March 23, 2012  |  Five for Friday
Five for Friday: Bracketology and Art

Five for Friday, written by a variety of MoMA staff members, is our attempt to spotlight some of the compelling, charming, and downright curious works in the Museum’s rich collection.

The NCAA men’s basketball tournament is underway, and the even the President has weighed in with his choices for “the bracket.” This diagram consisting of (approximately) 169 horizontal and vertical lines is rich with information and charming in its simplicity. For today’s Five for Friday we pay homage to artworks that play with the notion of diagramming and brackets.



1. Steve Wolfe. Untitled (Cubism and Abstract Art). 1997
Alfred Barr, Jr., the first director of the Museum, was notorious for his diagrams of modern art movements. Education Director Wendy Woon previously wrote about one of his most famous diagrams, colloquially known as “the torpedo.” In this artwork, Wolfe recreates the cover of an exhibition catalogue by Alfred H. Barr, published in 1936.

2. Merce Cunningham. Suite by Chance (Space Chart Entrance and Exit). 1952
The dance world is adept at using diagrams to record and transmit movements, and in this example Merce Cunningham diagrams 64 squares of movement (conveniently the same number as the NCAA tournament after the play-in games are decided). It’s unclear whether this work explains the phenomenon of 12-seeded teams upsetting five-seeds.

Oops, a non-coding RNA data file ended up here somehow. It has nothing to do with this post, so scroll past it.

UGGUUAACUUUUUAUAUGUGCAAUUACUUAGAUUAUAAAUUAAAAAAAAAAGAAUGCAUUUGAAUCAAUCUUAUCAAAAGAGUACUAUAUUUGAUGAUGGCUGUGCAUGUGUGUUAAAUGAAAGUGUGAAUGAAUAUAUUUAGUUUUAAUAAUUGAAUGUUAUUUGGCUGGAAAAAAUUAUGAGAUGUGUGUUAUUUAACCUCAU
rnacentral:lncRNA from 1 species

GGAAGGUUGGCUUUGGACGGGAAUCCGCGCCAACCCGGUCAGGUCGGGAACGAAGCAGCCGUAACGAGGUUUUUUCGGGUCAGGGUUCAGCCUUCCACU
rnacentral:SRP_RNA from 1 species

3. Mark Lombardi. Industries Carlos Cardoen of Santiago, Chile c. 1982-90 (2nd Version). 2000
Lombardi creates rich maps that illustrate the connections between politicians, criminals, patricians, and other possibly nefarious people and organizations. This simple pencil drawing contains complex information about scandals in codified linkings of direct and indirect political and financial influence. The Awl has a version of the NCAA bracket based on tuition costs that feels like a Lombardi.

4. Sarah Morris. Creative Artists Agency (Los Angeles). 2005
In this piece Morris takes the idea of connections and abstracts it into a glossy, colorful form. Though it seems like a plain geometric abstraction, the forms are actually diagrams of the interconnections between people related to the Creative Artists Agency in Los Angeles, which represents a large number of the actors in movies and television.

5. American Steel & Wire Co., Worcester, MA. Door Closer Brackets. Before 1934
Paola Antonelli included some intriguing examples of diagramming and networks in the Design and the Elastic Mind and Talk to Me exhibitions. But in this case we choose to end on a visual pun, a simple piece from MoMA’s Design collection: a door bracket.